Condi Rice Just added to the list of biggest lies— you remember them? They include:

  • The check is in the mail.
  • I’ll respect you in the morning.
  • It was a useful and productive meeting
  • I’m from your government, and I am here to help you.
  • You get this one, I’ll pay next time.
  • My wife doesn’t understand me.
  • Trust me, I’ll take care of everything.
  • Drinking? Why, no, Officer.
  • I never inhaled.
  • It’s not the money, it’s the principle of the thing.
  • Don’t worry, I can go another 20 miles when the gauge is on “empty.”
  • I gave at the office.
  • Don’t worry, he’s never bitten anyone.
  • We don’t negotiate with terrorist governments
  • I *love* your new {hat/haircut/dress/suit…}

Codi’s new one is:

  • They will meet again soon

After all that was the best thing she could say after the failure of the three party meeting she pushed for as a reaction to the infamous Baker ISG report. The problem with the meeting is that the terrorist Abbas and his friends from Hamas truly believe that the US and EU will not stick to their guns. Right now they are calling for a recognition of Israel and a renunciation of violence as a precondition to talks but history tells us that it won’t be long before we say, OK guys we were kidding lets talk. We did it with Arafat, who NEVER renounced violence or took the destruction of Israel out of the Fatah charter, and with his successor, Abbashole who just like Yassir, encouraged the murder of young Israelis and an Palestinians.

So the “official” word is that it was a good meeting and they will meet again soon, the real story is that no one went home happy. Lets hope that this time the US is not setting us up for another big lie. We need to demand that they remain steadfast in insisting that any new Palestinian Government have a true desire for peace.

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Rice after meeting: Olmert and Abbas to meet again soon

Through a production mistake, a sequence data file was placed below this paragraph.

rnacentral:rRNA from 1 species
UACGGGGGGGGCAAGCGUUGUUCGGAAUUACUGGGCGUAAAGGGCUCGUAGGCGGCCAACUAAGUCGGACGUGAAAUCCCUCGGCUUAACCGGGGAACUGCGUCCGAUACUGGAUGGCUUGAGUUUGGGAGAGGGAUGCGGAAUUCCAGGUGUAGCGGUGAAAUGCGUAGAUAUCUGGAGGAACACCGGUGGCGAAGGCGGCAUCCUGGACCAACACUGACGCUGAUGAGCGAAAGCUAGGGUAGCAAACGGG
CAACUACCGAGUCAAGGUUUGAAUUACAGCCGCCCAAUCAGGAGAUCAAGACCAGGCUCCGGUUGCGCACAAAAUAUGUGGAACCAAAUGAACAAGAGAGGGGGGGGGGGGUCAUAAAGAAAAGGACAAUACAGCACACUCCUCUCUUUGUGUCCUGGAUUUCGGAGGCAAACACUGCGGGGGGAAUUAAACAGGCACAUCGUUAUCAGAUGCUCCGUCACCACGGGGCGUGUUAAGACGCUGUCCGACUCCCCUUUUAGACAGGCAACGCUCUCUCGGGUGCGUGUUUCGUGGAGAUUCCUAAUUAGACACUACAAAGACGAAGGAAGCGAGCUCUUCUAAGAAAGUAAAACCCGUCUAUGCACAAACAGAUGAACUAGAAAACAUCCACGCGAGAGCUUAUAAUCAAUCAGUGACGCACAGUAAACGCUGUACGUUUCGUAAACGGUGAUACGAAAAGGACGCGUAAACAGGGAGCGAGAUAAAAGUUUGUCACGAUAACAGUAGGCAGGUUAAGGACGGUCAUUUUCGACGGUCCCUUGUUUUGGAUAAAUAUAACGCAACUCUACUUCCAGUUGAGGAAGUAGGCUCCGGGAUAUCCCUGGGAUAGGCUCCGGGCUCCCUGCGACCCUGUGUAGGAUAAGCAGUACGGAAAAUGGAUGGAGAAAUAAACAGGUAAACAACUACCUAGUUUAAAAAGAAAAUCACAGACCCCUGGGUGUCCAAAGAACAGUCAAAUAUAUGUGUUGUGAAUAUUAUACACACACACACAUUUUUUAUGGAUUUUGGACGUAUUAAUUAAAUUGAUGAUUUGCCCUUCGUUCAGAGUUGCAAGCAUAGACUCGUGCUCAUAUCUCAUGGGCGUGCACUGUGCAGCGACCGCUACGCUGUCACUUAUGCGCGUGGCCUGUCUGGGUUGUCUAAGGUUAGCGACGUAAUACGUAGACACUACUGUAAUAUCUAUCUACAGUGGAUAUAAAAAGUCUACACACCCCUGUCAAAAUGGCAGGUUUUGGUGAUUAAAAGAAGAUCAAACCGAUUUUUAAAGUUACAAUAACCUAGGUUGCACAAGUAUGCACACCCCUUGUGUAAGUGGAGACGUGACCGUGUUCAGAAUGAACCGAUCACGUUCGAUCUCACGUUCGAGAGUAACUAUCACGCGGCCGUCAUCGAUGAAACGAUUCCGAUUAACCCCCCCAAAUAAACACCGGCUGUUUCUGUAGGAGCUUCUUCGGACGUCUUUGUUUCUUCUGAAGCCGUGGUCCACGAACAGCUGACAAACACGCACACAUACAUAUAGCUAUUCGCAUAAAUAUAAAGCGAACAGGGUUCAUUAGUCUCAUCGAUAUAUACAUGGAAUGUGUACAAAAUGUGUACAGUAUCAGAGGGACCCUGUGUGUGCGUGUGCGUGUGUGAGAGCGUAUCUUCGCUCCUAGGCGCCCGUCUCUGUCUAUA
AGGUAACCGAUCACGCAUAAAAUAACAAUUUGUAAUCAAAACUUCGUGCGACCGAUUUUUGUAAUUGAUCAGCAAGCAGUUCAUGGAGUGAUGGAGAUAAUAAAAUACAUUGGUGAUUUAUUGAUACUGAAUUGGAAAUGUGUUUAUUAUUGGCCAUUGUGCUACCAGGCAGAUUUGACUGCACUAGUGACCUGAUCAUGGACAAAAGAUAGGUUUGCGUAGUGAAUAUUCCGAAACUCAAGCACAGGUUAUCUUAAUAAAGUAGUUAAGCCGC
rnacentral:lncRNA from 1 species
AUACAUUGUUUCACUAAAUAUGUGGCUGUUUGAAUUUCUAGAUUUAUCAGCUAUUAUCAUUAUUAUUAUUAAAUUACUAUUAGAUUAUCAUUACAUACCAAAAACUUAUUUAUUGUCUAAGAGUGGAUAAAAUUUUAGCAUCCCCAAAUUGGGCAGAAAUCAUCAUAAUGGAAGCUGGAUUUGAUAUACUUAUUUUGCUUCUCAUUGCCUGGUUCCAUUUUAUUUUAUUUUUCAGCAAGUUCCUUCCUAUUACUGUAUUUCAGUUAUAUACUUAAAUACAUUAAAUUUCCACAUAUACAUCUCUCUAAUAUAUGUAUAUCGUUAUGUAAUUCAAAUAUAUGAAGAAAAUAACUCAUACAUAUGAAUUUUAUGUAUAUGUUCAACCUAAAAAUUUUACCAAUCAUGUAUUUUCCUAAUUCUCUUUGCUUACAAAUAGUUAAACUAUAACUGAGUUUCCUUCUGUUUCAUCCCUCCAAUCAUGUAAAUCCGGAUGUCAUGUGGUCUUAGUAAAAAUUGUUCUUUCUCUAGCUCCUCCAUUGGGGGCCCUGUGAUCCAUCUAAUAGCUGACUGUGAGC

JPost 2/19/06 US Secretary of State Condoleezza Rice emerged from a morning meeting with Israeli Prime Minister Ehud Olmert and Palestinian Authority Chairman Mahmoud Abbas, saying that “it was a useful and productive meeting, during which all sides affirmed our commitment to a two-state solution.” Rice also said that there was an agreement that a Palestinian state cannot be born out of “violence and terror”, and reiterated an acceptance of previous agreements and obligations, including the Road Map. Rice said that Olmert and Abbas discussed “issues arising” from the Mecca Agreement, and of the Quartet’s position that a Palestinian government has to accept the three conditions of recognizing Israel, renouncing terrorism, and accepting previous agreements signed between the Palestinian Authority and Israel. Following the very brief statement, an additional meeting was held which included Olmert, Abbas, Rice, Foreign Minister Tzipi Livni, Defense Minister Amir Peretz, Vice-Premier Shimon Peres, Fatah legislator Muhammad Dahlan, Chief Palestinian negotiator Saeb Erekat. The international community has demanded that any Palestinian government recognize Israel, accept previous peace deals and renounce violence, but the coalition deal, forged earlier this month in Saudi Arabia, only pledges to “respect” past peace agreements. Rice told US journalists on Sunday night that Washington would “withhold judgment” on the coalition agreement until it was fleshed out. But she acknowledged that the outlines didn’t meet the international conditions put forth by the Quartet of Mideast negotiators – the US, European Union, UN and Russia. “If there’s going to be a Palestinian state, then the Quartet principles would obviously have to be recognized because … this is the foundation for peace,” she said. “I haven’t seen anything to date that suggests that this is a government that’s going to meet the Quartet’s principles, but you know…we will see once the government is formed,” she said. Abbas has said that this is the best deal he could wrest from Hamas, and that he would move ahead with forming a coalition. The power-sharing deal is seen as crucial to halting deadly Hamas-Fatah fighting that has killed dozens in recent months.